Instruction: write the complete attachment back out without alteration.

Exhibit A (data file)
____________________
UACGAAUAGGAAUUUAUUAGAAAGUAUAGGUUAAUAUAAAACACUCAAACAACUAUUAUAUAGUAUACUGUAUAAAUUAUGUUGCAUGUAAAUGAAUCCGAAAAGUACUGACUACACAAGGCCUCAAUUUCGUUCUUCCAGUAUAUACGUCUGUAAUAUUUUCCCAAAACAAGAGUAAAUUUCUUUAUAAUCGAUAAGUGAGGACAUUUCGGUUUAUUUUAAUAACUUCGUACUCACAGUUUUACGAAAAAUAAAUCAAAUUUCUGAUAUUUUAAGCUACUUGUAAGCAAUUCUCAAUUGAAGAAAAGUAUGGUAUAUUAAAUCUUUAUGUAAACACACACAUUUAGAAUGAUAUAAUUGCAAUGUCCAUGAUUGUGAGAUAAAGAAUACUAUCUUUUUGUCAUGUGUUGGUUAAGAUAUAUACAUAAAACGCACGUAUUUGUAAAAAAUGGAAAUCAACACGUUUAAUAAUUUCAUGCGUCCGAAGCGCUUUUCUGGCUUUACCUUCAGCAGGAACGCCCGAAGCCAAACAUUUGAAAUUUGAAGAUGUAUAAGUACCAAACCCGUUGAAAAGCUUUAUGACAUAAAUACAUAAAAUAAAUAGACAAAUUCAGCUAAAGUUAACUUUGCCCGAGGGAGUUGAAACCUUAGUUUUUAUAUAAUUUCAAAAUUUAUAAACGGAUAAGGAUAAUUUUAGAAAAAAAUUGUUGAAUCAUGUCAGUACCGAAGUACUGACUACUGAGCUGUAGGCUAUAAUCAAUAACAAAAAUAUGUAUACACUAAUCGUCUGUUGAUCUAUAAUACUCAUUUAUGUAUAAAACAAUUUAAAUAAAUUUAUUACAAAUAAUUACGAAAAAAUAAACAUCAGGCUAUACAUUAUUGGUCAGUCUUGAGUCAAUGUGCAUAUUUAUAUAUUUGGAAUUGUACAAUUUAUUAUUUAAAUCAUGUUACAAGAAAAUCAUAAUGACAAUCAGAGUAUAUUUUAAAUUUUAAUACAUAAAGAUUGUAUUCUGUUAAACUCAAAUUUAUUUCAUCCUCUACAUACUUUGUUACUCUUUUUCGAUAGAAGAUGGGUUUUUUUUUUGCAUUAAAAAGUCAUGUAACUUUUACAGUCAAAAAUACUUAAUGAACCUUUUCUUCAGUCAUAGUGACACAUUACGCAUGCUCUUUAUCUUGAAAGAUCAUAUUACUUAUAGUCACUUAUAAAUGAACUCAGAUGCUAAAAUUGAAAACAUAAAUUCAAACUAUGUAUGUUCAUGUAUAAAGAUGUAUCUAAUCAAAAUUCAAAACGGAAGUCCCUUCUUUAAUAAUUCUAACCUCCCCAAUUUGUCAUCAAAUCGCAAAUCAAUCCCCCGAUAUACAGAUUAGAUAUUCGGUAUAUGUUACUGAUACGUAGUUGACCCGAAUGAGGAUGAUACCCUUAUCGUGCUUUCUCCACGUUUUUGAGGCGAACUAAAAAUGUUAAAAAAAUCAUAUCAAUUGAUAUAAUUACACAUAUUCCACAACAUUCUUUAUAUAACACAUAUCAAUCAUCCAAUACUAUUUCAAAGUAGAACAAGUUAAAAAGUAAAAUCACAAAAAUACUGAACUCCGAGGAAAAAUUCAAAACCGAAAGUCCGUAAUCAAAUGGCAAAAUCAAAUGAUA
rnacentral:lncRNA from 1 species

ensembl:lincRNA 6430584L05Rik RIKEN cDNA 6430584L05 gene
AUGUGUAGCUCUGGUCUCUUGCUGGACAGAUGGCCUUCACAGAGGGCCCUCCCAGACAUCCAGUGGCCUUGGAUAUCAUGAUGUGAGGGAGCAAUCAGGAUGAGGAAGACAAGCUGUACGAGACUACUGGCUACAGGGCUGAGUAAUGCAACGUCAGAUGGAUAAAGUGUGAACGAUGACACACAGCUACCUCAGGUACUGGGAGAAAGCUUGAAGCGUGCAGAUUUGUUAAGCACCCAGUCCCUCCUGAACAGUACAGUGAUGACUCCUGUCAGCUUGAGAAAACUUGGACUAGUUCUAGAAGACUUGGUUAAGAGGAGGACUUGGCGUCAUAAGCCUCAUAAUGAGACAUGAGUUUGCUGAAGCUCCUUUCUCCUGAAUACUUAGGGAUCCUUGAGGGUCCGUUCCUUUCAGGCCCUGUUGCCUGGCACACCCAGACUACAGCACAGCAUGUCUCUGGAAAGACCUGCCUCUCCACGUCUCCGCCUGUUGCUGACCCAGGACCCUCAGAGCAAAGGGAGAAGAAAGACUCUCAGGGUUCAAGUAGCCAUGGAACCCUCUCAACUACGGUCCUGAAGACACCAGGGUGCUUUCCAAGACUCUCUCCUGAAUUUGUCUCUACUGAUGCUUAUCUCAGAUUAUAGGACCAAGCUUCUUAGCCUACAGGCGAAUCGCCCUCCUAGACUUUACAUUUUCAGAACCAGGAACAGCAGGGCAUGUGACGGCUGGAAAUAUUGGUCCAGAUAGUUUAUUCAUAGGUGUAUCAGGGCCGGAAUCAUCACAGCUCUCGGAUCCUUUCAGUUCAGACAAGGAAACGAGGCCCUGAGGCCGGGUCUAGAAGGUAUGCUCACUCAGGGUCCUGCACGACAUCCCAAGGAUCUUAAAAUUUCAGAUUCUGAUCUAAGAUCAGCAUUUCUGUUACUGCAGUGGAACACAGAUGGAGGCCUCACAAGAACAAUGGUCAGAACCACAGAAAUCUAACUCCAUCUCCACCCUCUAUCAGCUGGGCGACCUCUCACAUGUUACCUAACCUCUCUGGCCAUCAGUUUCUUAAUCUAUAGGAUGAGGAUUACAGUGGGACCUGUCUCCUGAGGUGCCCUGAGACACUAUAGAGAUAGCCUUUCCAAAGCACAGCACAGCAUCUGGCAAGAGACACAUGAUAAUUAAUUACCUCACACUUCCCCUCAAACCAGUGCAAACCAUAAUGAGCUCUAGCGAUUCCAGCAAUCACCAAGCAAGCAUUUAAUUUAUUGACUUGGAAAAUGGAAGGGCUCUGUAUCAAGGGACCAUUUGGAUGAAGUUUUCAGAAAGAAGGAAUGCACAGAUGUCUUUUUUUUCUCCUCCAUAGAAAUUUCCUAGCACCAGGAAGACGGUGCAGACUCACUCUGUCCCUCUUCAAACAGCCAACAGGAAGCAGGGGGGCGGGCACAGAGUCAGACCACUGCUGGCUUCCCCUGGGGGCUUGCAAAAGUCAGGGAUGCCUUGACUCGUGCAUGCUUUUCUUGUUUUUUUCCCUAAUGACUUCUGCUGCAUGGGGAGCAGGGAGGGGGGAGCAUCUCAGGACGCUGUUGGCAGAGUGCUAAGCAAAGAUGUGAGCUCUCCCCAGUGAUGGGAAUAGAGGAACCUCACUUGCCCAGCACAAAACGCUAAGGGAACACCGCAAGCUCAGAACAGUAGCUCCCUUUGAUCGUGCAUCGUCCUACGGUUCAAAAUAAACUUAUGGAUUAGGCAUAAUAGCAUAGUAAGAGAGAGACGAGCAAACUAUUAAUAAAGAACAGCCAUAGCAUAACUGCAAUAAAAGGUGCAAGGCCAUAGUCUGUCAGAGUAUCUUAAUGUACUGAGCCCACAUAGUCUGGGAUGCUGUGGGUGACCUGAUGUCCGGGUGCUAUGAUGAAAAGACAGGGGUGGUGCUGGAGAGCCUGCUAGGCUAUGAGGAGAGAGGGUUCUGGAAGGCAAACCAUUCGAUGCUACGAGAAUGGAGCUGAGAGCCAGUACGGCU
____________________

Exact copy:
UACGAAUAGGAAUUUAUUAGAAAGUAUAGGUUAAUAUAAAACACUCAAACAACUAUUAUAUAGUAUACUGUAUAAAUUAUGUUGCAUGUAAAUGAAUCCGAAAAGUACUGACUACACAAGGCCUCAAUUUCGUUCUUCCAGUAUAUACGUCUGUAAUAUUUUCCCAAAACAAGAGUAAAUUUCUUUAUAAUCGAUAAGUGAGGACAUUUCGGUUUAUUUUAAUAACUUCGUACUCACAGUUUUACGAAAAAUAAAUCAAAUUUCUGAUAUUUUAAGCUACUUGUAAGCAAUUCUCAAUUGAAGAAAAGUAUGGUAUAUUAAAUCUUUAUGUAAACACACACAUUUAGAAUGAUAUAAUUGCAAUGUCCAUGAUUGUGAGAUAAAGAAUACUAUCUUUUUGUCAUGUGUUGGUUAAGAUAUAUACAUAAAACGCACGUAUUUGUAAAAAAUGGAAAUCAACACGUUUAAUAAUUUCAUGCGUCCGAAGCGCUUUUCUGGCUUUACCUUCAGCAGGAACGCCCGAAGCCAAACAUUUGAAAUUUGAAGAUGUAUAAGUACCAAACCCGUUGAAAAGCUUUAUGACAUAAAUACAUAAAAUAAAUAGACAAAUUCAGCUAAAGUUAACUUUGCCCGAGGGAGUUGAAACCUUAGUUUUUAUAUAAUUUCAAAAUUUAUAAACGGAUAAGGAUAAUUUUAGAAAAAAAUUGUUGAAUCAUGUCAGUACCGAAGUACUGACUACUGAGCUGUAGGCUAUAAUCAAUAACAAAAAUAUGUAUACACUAAUCGUCUGUUGAUCUAUAAUACUCAUUUAUGUAUAAAACAAUUUAAAUAAAUUUAUUACAAAUAAUUACGAAAAAAUAAACAUCAGGCUAUACAUUAUUGGUCAGUCUUGAGUCAAUGUGCAUAUUUAUAUAUUUGGAAUUGUACAAUUUAUUAUUUAAAUCAUGUUACAAGAAAAUCAUAAUGACAAUCAGAGUAUAUUUUAAAUUUUAAUACAUAAAGAUUGUAUUCUGUUAAACUCAAAUUUAUUUCAUCCUCUACAUACUUUGUUACUCUUUUUCGAUAGAAGAUGGGUUUUUUUUUUGCAUUAAAAAGUCAUGUAACUUUUACAGUCAAAAAUACUUAAUGAACCUUUUCUUCAGUCAUAGUGACACAUUACGCAUGCUCUUUAUCUUGAAAGAUCAUAUUACUUAUAGUCACUUAUAAAUGAACUCAGAUGCUAAAAUUGAAAACAUAAAUUCAAACUAUGUAUGUUCAUGUAUAAAGAUGUAUCUAAUCAAAAUUCAAAACGGAAGUCCCUUCUUUAAUAAUUCUAACCUCCCCAAUUUGUCAUCAAAUCGCAAAUCAAUCCCCCGAUAUACAGAUUAGAUAUUCGGUAUAUGUUACUGAUACGUAGUUGACCCGAAUGAGGAUGAUACCCUUAUCGUGCUUUCUCCACGUUUUUGAGGCGAACUAAAAAUGUUAAAAAAAUCAUAUCAAUUGAUAUAAUUACACAUAUUCCACAACAUUCUUUAUAUAACACAUAUCAAUCAUCCAAUACUAUUUCAAAGUAGAACAAGUUAAAAAGUAAAAUCACAAAAAUACUGAACUCCGAGGAAAAAUUCAAAACCGAAAGUCCGUAAUCAAAUGGCAAAAUCAAAUGAUA
rnacentral:lncRNA from 1 species

ensembl:lincRNA 6430584L05Rik RIKEN cDNA 6430584L05 gene
AUGUGUAGCUCUGGUCUCUUGCUGGACAGAUGGCCUUCACAGAGGGCCCUCCCAGACAUCCAGUGGCCUUGGAUAUCAUGAUGUGAGGGAGCAAUCAGGAUGAGGAAGACAAGCUGUACGAGACUACUGGCUACAGGGCUGAGUAAUGCAACGUCAGAUGGAUAAAGUGUGAACGAUGACACACAGCUACCUCAGGUACUGGGAGAAAGCUUGAAGCGUGCAGAUUUGUUAAGCACCCAGUCCCUCCUGAACAGUACAGUGAUGACUCCUGUCAGCUUGAGAAAACUUGGACUAGUUCUAGAAGACUUGGUUAAGAGGAGGACUUGGCGUCAUAAGCCUCAUAAUGAGACAUGAGUUUGCUGAAGCUCCUUUCUCCUGAAUACUUAGGGAUCCUUGAGGGUCCGUUCCUUUCAGGCCCUGUUGCCUGGCACACCCAGACUACAGCACAGCAUGUCUCUGGAAAGACCUGCCUCUCCACGUCUCCGCCUGUUGCUGACCCAGGACCCUCAGAGCAAAGGGAGAAGAAAGACUCUCAGGGUUCAAGUAGCCAUGGAACCCUCUCAACUACGGUCCUGAAGACACCAGGGUGCUUUCCAAGACUCUCUCCUGAAUUUGUCUCUACUGAUGCUUAUCUCAGAUUAUAGGACCAAGCUUCUUAGCCUACAGGCGAAUCGCCCUCCUAGACUUUACAUUUUCAGAACCAGGAACAGCAGGGCAUGUGACGGCUGGAAAUAUUGGUCCAGAUAGUUUAUUCAUAGGUGUAUCAGGGCCGGAAUCAUCACAGCUCUCGGAUCCUUUCAGUUCAGACAAGGAAACGAGGCCCUGAGGCCGGGUCUAGAAGGUAUGCUCACUCAGGGUCCUGCACGACAUCCCAAGGAUCUUAAAAUUUCAGAUUCUGAUCUAAGAUCAGCAUUUCUGUUACUGCAGUGGAACACAGAUGGAGGCCUCACAAGAACAAUGGUCAGAACCACAGAAAUCUAACUCCAUCUCCACCCUCUAUCAGCUGGGCGACCUCUCACAUGUUACCUAACCUCUCUGGCCAUCAGUUUCUUAAUCUAUAGGAUGAGGAUUACAGUGGGACCUGUCUCCUGAGGUGCCCUGAGACACUAUAGAGAUAGCCUUUCCAAAGCACAGCACAGCAUCUGGCAAGAGACACAUGAUAAUUAAUUACCUCACACUUCCCCUCAAACCAGUGCAAACCAUAAUGAGCUCUAGCGAUUCCAGCAAUCACCAAGCAAGCAUUUAAUUUAUUGACUUGGAAAAUGGAAGGGCUCUGUAUCAAGGGACCAUUUGGAUGAAGUUUUCAGAAAGAAGGAAUGCACAGAUGUCUUUUUUUUCUCCUCCAUAGAAAUUUCCUAGCACCAGGAAGACGGUGCAGACUCACUCUGUCCCUCUUCAAACAGCCAACAGGAAGCAGGGGGGCGGGCACAGAGUCAGACCACUGCUGGCUUCCCCUGGGGGCUUGCAAAAGUCAGGGAUGCCUUGACUCGUGCAUGCUUUUCUUGUUUUUUUCCCUAAUGACUUCUGCUGCAUGGGGAGCAGGGAGGGGGGAGCAUCUCAGGACGCUGUUGGCAGAGUGCUAAGCAAAGAUGUGAGCUCUCCCCAGUGAUGGGAAUAGAGGAACCUCACUUGCCCAGCACAAAACGCUAAGGGAACACCGCAAGCUCAGAACAGUAGCUCCCUUUGAUCGUGCAUCGUCCUACGGUUCAAAAUAAACUUAUGGAUUAGGCAUAAUAGCAUAGUAAGAGAGAGACGAGCAAACUAUUAAUAAAGAACAGCCAUAGCAUAACUGCAAUAAAAGGUGCAAGGCCAUAGUCUGUCAGAGUAUCUUAAUGUACUGAGCCCACAUAGUCUGGGAUGCUGUGGGUGACCUGAUGUCCGGGUGCUAUGAUGAAAAGACAGGGGUGGUGCUGGAGAGCCUGCUAGGCUAUGAGGAGAGAGGGUUCUGGAAGGCAAACCAUUCGAUGCUACGAGAAUGGAGCUGAGAGCCAGUACGGCU